It’s Thanksgiving 2017, which means we have almost been living full time as vanlifers for eight months-EIGHT MONTHS. This is incredibly hard to believe. When we first started out, we wanted to do “a year in a van.” But now, I just don’t foresee us ending this amazing life so soon.
Before we get all serious, let us wish you and yours a happy Thanksgiving! We are so thankful for all of the support we have received along this journey. From stories from others embarking on an unconventional life to simple cheers encouraging us to keep going, this really is the fuel that sparks us onward.
I shouldn’t feel anything but complete gratitude on this day.
We are in Colorado at the time. It’s a beautiful 72 degrees. There is a clear view of the mountains from our window.
However, the fact there are people in every city and town who are missing this time of gratitude to stand outside stores and wait in line in order to get presents for their families or themselves and put stores into the black in sales makes me scream inside, “this isn’t right!”
Many of these people will be those who can’t afford things at full price, people who work two jobs, single moms who try their best to support a family and give their children a Christmas that the culture we live in tells us we are “supposed” to have. The time we have with our families is already severely limited by the cost it takes us to live. We use our time working meaningless jobs to make paychecks to pay bills and to buy things we believe will give our lives more meaning. We turn days like today, Thanksgiving, into days where we stretch our pocketbooks to buy the best gifts at the best price to show people how much we love them, rather than spending quality time with the people we love and being thankful for all the incredible things we already have.
Studies show that material things do make us happy, momentarily. But they also create a culture of “never enough.” The, “once I have this, I will feel happy,” culture.
When ______ then ______. However, this is a PERPETUAL way of thinking and living our lives. We are programmed by our culture to “need” more, but who is that helping? Not you, not me. Maybe our small business…maybe. But the long term effects of chasing our tails is more years of chasing our tails.
In the documentary Happy, researchers found that once our basic needs are met: shelter, food, water, etc., our levels of happiness plateau.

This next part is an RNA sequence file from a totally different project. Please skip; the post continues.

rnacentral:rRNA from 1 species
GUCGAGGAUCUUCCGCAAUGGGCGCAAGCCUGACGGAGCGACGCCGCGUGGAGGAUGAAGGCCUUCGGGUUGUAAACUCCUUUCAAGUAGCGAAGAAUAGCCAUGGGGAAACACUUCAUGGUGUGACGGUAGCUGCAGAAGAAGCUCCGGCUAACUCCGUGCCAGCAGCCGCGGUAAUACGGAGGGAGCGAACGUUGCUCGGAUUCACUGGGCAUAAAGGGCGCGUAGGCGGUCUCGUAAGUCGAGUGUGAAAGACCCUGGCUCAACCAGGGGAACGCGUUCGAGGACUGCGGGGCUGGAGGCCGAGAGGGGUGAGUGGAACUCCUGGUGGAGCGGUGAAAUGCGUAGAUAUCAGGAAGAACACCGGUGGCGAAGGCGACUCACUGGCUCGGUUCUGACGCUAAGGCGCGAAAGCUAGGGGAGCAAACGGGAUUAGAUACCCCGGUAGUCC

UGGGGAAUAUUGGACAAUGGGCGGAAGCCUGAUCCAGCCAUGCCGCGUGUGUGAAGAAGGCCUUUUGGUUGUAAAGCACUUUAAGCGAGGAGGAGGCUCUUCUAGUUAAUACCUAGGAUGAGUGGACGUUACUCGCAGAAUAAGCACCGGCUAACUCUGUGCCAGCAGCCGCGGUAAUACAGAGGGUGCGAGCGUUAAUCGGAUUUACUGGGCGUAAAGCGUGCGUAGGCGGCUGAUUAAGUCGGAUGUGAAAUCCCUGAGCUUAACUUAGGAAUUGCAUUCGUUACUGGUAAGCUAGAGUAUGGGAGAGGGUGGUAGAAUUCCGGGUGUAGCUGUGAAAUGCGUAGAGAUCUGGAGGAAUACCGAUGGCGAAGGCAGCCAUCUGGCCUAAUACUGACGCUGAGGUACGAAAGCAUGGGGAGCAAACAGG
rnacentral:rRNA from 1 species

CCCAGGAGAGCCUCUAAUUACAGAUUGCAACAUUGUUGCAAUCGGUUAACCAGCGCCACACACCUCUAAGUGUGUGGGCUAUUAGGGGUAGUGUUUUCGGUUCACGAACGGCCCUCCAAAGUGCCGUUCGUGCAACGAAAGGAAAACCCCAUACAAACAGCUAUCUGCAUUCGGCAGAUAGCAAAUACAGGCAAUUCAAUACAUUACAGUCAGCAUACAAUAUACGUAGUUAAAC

Have you ever stopped and thought, this is good. I have enough. If this is all I ever had, this would be enough.
How can you blame us? Most of us were raised with questions like “What do you want for Christmas?” as the norm.
Last year, our daughter was two, it was the first Christmas we had where she was able to open gifts and know what was going on. I was super excited about it. Christmas, to me, has always been a magical time. I wrapped EVERY SINGLE GIFT. Even oranges in her stocking. I know, that’s ridiculous, but I wanted to see her face when she opened things. It’s so fun as a parent to see your child’s face light up and get excited.
She opened her first gift, some LEGO’s (not trying to advertise for them, haha), and immediately wanted to go play with them. We had to stop her to make her open her next gift. She was excited, and then proceeded to leave to go play with her gifts. We stopped her and showed her there were more presents. She responded by slight frustration and opened her next gift. Again, she was excited and happy. As a parent, I LOVE seeing her excitement, but I DID see it, with the first gift.
I began getting nervous, wondering what on earth I was creating by teaching my two-year-old to keep digging deeper into her stocking to look for more, more, more. I realized then that I was training her to step in line, to join the madness that is our consumerist culture, and I just can’t.
Everly likes rocks. She likes make believe. She likes playing outdoors. She doesn’t need anything. Sometimes I feel like I’m becoming a mom I would HATE having if I were a kid. I’m not trying to suck the fun out of holidays, I’m just trying to raise a child who thinks for herself and is free from bullshit societal rules that hold us back as human beings.
We live in a time on this earth where we have incredibly more than ever before in human history. At the touch of a button we can have our questions answered, dinner ordered and ride located. It’s really an amazing time to be alive. I’m thankful for every single moment that I get to be in it.
I want to be thankful for what I have and to recognize when I get stuck in the comparison trap. I want the holidays to be a time where families come together to love each other without the stress of what material thing they can or cannot give. For most of us, If we could bring a little more consciousness to every moment and truly look at our lives, we would see enough. Maybe we could stop this perpetual race to a destination that already exists in this moment. Just maybe, we could realize that the time spent with those we love is more important than the half-priced gift waiting for them on the store shelf.
I’m really interested in your views on this topic. What are you thankful for? Do you see the consumer culture as a hindrance in our society? Imagine if it were possible to live in a world where we actually felt like our basic necessities were enough, how would we get there?